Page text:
Trayvon Martin, His Witness and What We Should Be Teaching Our Children About Racism
I do not have the words to fully express the sadness, grief and flat out anger I am experiencing over the senseless death of Trayvon Martin. But that only pales in comparison to what his family might be feeling.
Martin, a 17-year old Black teen, was gunned down by George Zimmerman, a 28-year old White Hispanic man in the Central Florida town of Sanford late last month. Zimmerman, who was the self-appointed neighborhood watch, claims that he’d shot and killed Martin after the teen allegedly started an “altercation.” But Martin’s real crime was being a suspicious black male in the wrong community at the wrong time.
If you haven’t listened to the 911 calls from Zimmerman and the various perspectives, which were revealed on Friday, you can listen to them here, but be warned, they are a hard listen. In one tape, Zimmerman, who had spotted Martin from inside his parked car, tells the dispatcher that there had been a few break-ins lately, and now there was another suspicious guy in his Twin Lakes gated community. He describes the SUS as a young black male wearing a hooded sweatshirt. He looked like he might be on drugs and “up to no good,” he says to the dispatcher. Later, he says that the SUS is retreating in the other direction from his vehicle. He then exits his car and follows the SUS. The dispatcher tells Zimmerman that it is not necessary to follow him. But Zimmerman, frustrated, had already lamented that: “These a**holes always get away.”
In another tape you can hear what appears to be a muted bang followed by a young man in the distance crying repeatedly for help and then a loud pop that silences the wailing completely. Other callers reported hearing the same thing as well and described for the police dispatchers the end result: Martin, lying on the ground, dead. Later it would be revealed that Martin was far from a SUS – just an unsuspecting teenager, who was visiting his father and just so happened to be walking back from the store with a can of sweet tea and a bag of Skittles to share with his younger sibling. For that, his life was silenced. And 28-year-old Zimmerman, who claims he was acting in self-defense, has yet to be arrested or charged with a crime.But as much as this story pains me, this post isn’t about the vicious murder, instead it’s about one of the witnesses: a 13-year old Black boy named Austin, who just so happened to be out walking the family pet and observed what happened. He and his family tells the Miami Herald:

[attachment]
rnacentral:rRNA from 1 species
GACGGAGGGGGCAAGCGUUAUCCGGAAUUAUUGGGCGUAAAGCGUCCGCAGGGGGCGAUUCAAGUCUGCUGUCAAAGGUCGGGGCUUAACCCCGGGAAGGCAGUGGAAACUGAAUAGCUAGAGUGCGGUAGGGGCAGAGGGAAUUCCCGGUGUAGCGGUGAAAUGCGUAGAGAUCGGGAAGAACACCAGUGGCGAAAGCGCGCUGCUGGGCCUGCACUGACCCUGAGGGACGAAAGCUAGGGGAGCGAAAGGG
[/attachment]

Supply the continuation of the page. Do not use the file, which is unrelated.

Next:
“I don’t know that it was the person on the [ground] who was screaming, but to me it sounded like a kid who was crying. It was a yell for help, and I think it was Trayvon. Austin wasn’t sure if the person was in a fight or had slipped and gotten hurt. Austin’s boxer puppy got off the leash so the boy went chasing after the dog and lost sight of the scene for a moment. Then, he heard a gun go off. He ran home and told his sister to call the police. The boy, who is black, has been rattled ever since. He feels angry and disconcerted, and wonders whether he’s at risk too. That people can stereotype like that makes you scared, he said. Austin’s mom said he’s been acting out in school and seems mad all the time.”
As gut wrenching as it is to read about the death of Martin, it is equally as heartbreaking to think about what this witness must be going through. Not only did he see a murder in his front yard but has to live with the “what if” questions, the fears of his own safety and the confusions of how this, in the time of our first Black president, could happen? Prior to the murder, he probably was a normal teenager, close in age to the victim. He lived in a neighborhood that was overwhelmingly white (including Hispanics who classify themselves as white), therefore considered safe away from all the urban crime we hear about in inner city Black communities. He probably saw Zimmerman “patrolling” the neighborhood on a few occasions. He might have even had a conversation with him, maybe found himself too under the surveillance of his neighbor’s watchful eye. He probably wondered if those interactions were just the result of an overzealous busy body or a precursor to the paranoia of a bigot.
He probably has those same questions about his friends he met within his diverse neighborhood. And the teachers and staff at his school too. Prior to witnessing the murder of a kid close in age and hue to his, he probably believed in a colorblind society and was taught to respect every one of all races. But watching the video of a bewildered little Austin as he speaks about how sometimes people get stereotyped and how he fits into this stereotype as the person who got shot, you can almost see the trepidation in his eyes, as if he is pondering what if that had been him. And maybe one day, it might be him.